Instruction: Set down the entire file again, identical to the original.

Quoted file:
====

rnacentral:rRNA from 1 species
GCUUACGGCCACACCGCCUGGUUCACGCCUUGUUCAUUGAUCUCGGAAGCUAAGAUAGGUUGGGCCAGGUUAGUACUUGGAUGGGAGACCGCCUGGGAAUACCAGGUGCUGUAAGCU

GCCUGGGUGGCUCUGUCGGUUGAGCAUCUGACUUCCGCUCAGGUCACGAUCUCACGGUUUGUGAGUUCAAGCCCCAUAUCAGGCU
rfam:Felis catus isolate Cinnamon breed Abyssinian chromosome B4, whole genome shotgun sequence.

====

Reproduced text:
rnacentral:rRNA from 1 species
GCUUACGGCCACACCGCCUGGUUCACGCCUUGUUCAUUGAUCUCGGAAGCUAAGAUAGGUUGGGCCAGGUUAGUACUUGGAUGGGAGACCGCCUGGGAAUACCAGGUGCUGUAAGCU

GCCUGGGUGGCUCUGUCGGUUGAGCAUCUGACUUCCGCUCAGGUCACGAUCUCACGGUUUGUGAGUUCAAGCCCCAUAUCAGGCU
rfam:Felis catus isolate Cinnamon breed Abyssinian chromosome B4, whole genome shotgun sequence.